If a person feels he/she may have contracted monkeypox, immediately take the following steps:

  • Self-isolate.
  • Avoid sex or being intimate with anyone until you have been checked out by a healthcare provider.
  • Avoid gatherings, especially if they involve close, personal, skin-to-skin contact.
  • Think about the people you have had close, personal, or sexual contact during the last 21 days, including people you met through dating apps. To help stop the spread, you might be asked to share this information if you have received a monkeypox diagnosis.

Seeking Care:

  • CALL your primary care doctor or urgent care before arriving in person. Let them know you have symptoms or have a confirmed exposure. This will allow staff time to prepare for a safe visit for you, them, and other patients.

For uninsured, under-insured and Medicaid recipients – you can visit one of the following Federally Qualified Health Centers:

Lincoln Heights Health Center
1401 Steffen Ave.
Appointments: (513) 588-3623

Mt. Health Family Practice
1411 Compton Rd. Information: (513) 522-7500
Appointments: (513) 588-3623

Cincinnati Medical Center (Equitas Health)
2805 Gilbert Ave., Cincinnati, OH 45206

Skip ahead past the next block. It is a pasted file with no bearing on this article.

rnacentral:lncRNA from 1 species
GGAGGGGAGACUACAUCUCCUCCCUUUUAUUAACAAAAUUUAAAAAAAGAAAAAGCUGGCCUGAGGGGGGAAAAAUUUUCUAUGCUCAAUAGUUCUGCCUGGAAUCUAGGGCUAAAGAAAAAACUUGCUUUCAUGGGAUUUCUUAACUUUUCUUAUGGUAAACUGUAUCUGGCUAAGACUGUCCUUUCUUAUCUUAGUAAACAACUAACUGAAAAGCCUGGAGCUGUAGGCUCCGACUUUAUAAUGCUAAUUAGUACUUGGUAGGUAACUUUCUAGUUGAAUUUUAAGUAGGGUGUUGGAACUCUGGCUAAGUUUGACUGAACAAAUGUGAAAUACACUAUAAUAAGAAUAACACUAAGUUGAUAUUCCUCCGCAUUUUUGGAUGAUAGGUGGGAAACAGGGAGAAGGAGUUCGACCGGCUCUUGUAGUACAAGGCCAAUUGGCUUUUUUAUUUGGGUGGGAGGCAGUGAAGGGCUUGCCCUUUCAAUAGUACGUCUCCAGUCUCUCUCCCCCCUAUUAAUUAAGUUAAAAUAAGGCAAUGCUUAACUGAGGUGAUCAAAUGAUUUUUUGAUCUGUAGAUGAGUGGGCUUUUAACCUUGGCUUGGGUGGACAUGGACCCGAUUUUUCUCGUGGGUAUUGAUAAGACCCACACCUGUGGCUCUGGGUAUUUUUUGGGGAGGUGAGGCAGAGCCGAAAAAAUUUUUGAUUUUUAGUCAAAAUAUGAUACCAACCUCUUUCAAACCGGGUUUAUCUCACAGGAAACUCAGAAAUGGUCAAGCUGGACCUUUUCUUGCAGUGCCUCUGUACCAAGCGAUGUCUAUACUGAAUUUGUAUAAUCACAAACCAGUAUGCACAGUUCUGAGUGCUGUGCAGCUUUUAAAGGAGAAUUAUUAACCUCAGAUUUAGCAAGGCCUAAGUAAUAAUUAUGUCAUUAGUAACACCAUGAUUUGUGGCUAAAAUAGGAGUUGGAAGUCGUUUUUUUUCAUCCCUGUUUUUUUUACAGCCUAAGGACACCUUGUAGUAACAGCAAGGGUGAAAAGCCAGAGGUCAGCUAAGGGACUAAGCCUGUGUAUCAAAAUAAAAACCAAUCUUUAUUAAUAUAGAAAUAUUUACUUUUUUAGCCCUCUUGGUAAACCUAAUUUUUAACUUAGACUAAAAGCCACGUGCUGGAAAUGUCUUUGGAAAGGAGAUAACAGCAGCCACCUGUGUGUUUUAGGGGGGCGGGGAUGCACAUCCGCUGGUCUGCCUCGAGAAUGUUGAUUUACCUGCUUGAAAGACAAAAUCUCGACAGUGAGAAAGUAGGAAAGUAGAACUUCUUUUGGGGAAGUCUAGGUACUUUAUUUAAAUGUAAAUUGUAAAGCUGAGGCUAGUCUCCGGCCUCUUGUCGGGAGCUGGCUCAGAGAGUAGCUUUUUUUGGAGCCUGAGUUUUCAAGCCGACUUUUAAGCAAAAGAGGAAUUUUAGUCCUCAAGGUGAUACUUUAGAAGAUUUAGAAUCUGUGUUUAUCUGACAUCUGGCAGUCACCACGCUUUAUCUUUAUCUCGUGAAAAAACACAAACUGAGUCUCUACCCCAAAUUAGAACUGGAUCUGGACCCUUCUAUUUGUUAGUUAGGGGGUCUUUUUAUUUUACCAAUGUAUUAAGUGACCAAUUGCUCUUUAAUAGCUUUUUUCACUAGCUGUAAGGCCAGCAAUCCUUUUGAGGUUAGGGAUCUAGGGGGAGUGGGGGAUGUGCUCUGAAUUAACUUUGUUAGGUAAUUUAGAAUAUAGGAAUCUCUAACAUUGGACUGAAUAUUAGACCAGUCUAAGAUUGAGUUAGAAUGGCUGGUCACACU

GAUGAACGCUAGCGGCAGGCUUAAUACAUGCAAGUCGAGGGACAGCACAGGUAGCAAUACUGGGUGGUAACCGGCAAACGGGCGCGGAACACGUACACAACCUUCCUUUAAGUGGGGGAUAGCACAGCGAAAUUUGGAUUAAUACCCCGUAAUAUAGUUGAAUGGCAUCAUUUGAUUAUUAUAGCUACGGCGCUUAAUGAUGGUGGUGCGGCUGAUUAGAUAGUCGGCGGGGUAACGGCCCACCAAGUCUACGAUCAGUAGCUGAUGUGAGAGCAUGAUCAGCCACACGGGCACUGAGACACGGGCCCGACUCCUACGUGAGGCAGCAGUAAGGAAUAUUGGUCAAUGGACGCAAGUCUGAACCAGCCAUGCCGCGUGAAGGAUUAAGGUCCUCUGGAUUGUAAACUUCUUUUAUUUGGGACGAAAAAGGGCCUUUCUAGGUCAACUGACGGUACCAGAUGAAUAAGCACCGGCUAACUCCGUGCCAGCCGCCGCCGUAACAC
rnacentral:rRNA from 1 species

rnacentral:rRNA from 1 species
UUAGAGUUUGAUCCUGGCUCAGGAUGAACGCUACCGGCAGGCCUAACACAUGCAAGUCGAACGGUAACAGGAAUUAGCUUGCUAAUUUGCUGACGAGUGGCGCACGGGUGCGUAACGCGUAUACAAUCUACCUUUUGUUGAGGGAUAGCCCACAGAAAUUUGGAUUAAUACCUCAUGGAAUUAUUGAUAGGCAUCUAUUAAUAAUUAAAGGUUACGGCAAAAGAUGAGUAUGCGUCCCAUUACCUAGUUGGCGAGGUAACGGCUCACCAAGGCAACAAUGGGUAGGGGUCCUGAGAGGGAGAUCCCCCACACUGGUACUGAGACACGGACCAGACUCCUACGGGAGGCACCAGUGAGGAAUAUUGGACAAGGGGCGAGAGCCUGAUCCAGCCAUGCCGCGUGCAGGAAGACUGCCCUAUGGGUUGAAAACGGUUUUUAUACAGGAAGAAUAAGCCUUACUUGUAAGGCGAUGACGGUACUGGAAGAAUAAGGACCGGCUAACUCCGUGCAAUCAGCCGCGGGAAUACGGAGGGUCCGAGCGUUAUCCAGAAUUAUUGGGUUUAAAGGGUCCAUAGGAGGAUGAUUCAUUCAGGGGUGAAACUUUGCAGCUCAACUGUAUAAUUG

Phone: (513) 815-4475

Cincinnati Health Department Primary Health Care (Limited availability):

Ambrose H. Clement Health Center
3559 Reading Road, Suite 101

Bobbie Sterne Health Center
1525 Elm Street

Millvale at Hopple Street Health Center
2750 Beekman Street
513-357-7320 during the week
513-352-3191 on Saturday

Northside Health Center
3917 Spring Grove Avenue

Braxton F. Cann Memorial Health Center
5818 Madison Road 513-357-7320

Price Hill Health Center
2136 W. 8th Street

“We’re asking people to be patient while we develop our risk analyses and determine vaccination eligibility,” says Hamilton County Health Commissioner Greg Kesterman. “With vaccine in limited supply, it’s important that we get to the most vulnerable populations. The CDC has developed risk tiers that we will be following to administer vaccine.”

County and city leaders joined forces to work with the Ohio Department of Health to bring vaccination clinics to the region. “We understood the monkeypox threat to our community and know it’s imperative to get in front of it,” said Cincinnati Mayor Aftab Pureval. “City Councilmember Reggie Harris exhibited strong leadership by helping to kick off this effort, and our community health will benefit from his work,” Pureval added.

“We have the tools and experience to effectively mitigate the impact of MPX in our community,” Harris said. “My office, in collaboration with the City Administration and Health Department, Commissioner Driehaus and the County Health Department sounded the alarm and are doing everything in our power to proactively provide vaccines to those most at risk.”

“When we all work together, we can make things happen,” says Hamilton County Commissioner Denise Driehaus. “Initially, the State was going to hold its supply of vaccine and we worked with them to move more quickly to supply vaccine for our community.”